Tuesday, July 19, 2011

Album Review: Spindrift - Classic Soundtracks Vol. 1

It's probably no coincidence that LA outfit Spindrift does the odd soundtrack (or record approximating the soundtrack to an obscure cult movie, in some cases; though in this case each song will evidently turn into its own cult flick) record every now and again, given that their music has an inherently, wonderfully cinematic heartbeat. Latest offering, Classic Soundtracks Vol. 1, sees the band continue to mine their golden spacecake spaghetti western on acid in the desert sound.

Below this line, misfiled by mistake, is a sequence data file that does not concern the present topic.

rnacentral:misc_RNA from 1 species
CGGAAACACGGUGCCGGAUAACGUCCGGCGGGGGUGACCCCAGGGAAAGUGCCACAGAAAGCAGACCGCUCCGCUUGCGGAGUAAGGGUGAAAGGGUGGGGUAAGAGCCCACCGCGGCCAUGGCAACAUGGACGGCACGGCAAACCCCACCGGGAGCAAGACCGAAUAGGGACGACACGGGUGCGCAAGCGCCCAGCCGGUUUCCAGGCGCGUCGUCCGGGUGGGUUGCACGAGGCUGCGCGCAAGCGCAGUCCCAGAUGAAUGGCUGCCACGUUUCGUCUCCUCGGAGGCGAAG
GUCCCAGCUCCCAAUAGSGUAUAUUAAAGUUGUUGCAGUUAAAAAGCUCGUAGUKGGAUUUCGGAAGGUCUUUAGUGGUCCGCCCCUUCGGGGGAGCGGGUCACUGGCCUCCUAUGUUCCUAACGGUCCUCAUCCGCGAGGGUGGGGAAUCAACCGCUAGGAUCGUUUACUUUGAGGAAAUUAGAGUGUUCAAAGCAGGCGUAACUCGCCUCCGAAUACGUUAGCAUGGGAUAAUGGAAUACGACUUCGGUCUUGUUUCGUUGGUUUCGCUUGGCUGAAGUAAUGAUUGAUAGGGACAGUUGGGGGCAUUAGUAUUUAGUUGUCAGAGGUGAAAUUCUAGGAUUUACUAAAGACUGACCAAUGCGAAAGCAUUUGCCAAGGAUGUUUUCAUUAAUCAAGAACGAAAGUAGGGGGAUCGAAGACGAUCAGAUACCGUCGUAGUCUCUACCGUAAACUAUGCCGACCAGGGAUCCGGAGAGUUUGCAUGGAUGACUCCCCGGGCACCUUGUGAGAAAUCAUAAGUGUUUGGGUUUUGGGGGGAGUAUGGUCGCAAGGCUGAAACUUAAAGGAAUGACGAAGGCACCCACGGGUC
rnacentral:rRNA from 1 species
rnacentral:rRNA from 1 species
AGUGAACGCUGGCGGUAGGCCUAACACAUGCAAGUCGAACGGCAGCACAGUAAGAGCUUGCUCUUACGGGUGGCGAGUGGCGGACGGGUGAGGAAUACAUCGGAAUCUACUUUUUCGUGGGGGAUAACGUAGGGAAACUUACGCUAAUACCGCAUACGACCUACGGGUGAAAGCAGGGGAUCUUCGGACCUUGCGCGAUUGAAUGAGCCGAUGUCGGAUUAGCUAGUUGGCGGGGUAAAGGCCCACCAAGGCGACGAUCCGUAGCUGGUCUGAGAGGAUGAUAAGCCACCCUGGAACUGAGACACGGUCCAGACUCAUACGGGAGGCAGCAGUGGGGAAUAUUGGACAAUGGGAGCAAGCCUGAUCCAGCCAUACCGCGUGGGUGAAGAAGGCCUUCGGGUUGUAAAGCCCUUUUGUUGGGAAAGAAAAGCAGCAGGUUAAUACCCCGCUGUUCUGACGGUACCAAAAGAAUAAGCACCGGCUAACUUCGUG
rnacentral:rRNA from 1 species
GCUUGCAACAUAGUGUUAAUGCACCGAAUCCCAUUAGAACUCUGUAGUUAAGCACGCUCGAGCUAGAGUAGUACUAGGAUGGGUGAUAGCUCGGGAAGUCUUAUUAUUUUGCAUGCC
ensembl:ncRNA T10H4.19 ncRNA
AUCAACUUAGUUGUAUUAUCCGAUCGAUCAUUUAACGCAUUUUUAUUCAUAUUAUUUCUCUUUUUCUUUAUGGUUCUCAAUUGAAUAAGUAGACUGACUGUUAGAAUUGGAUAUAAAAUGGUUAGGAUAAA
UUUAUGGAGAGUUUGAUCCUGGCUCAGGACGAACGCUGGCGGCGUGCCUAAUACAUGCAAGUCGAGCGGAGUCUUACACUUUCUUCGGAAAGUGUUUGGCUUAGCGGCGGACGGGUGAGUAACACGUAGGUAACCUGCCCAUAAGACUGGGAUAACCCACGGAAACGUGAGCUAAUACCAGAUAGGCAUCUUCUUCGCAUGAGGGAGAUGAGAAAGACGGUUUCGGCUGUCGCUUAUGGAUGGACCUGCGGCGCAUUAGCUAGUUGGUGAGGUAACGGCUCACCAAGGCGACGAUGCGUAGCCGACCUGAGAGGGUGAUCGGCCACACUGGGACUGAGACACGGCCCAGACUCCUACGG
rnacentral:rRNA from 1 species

To love Spindrift is a wonderful thing indeed, my friends. Their music is escapism, from the mess we live in to times and places not experienced by any but the lucky believers. Classic Soundtracks Vol. 1 begins ever so mystically, with the pan flute of a forlorn Indian tribesman, that floats into the void before it's hardly begun, leaving one to wonder what's over the next hill. The answer to that riddle is "Space Vixens Theme," which I'm considering playing as my entrance music whenever I walk into a room. It's an explosion of sound, ranging from the sultry grooves of 70s blaxplotation flicks to the sitar and lady vocals fit for the golden age of Bollywood, all and sundry swapping sonic bodily fluids with each other and the offbeat westernism-on-the-verge-of-insanity sound you might expect out of Spindrift.